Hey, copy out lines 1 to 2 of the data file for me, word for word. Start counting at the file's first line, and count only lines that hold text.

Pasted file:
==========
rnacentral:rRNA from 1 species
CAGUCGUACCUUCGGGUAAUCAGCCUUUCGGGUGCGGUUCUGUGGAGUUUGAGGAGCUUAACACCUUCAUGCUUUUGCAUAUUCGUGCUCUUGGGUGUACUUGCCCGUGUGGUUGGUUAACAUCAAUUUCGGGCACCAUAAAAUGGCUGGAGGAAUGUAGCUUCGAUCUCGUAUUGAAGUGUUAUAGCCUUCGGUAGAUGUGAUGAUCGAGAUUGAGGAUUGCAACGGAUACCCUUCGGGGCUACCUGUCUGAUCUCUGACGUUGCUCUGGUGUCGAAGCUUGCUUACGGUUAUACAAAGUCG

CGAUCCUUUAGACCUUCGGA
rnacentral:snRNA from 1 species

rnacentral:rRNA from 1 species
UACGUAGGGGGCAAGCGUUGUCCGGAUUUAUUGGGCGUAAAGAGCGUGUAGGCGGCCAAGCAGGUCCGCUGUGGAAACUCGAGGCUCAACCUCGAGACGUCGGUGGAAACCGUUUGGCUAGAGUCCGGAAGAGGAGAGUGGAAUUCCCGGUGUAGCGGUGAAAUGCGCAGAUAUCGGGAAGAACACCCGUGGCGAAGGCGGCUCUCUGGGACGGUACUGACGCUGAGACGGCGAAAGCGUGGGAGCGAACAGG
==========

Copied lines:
rnacentral:rRNA from 1 species
CAGUCGUACCUUCGGGUAAUCAGCCUUUCGGGUGCGGUUCUGUGGAGUUUGAGGAGCUUAACACCUUCAUGCUUUUGCAUAUUCGUGCUCUUGGGUGUACUUGCCCGUGUGGUUGGUUAACAUCAAUUUCGGGCACCAUAAAAUGGCUGGAGGAAUGUAGCUUCGAUCUCGUAUUGAAGUGUUAUAGCCUUCGGUAGAUGUGAUGAUCGAGAUUGAGGAUUGCAACGGAUACCCUUCGGGGCUACCUGUCUGAUCUCUGACGUUGCUCUGGUGUCGAAGCUUGCUUACGGUUAUACAAAGUCG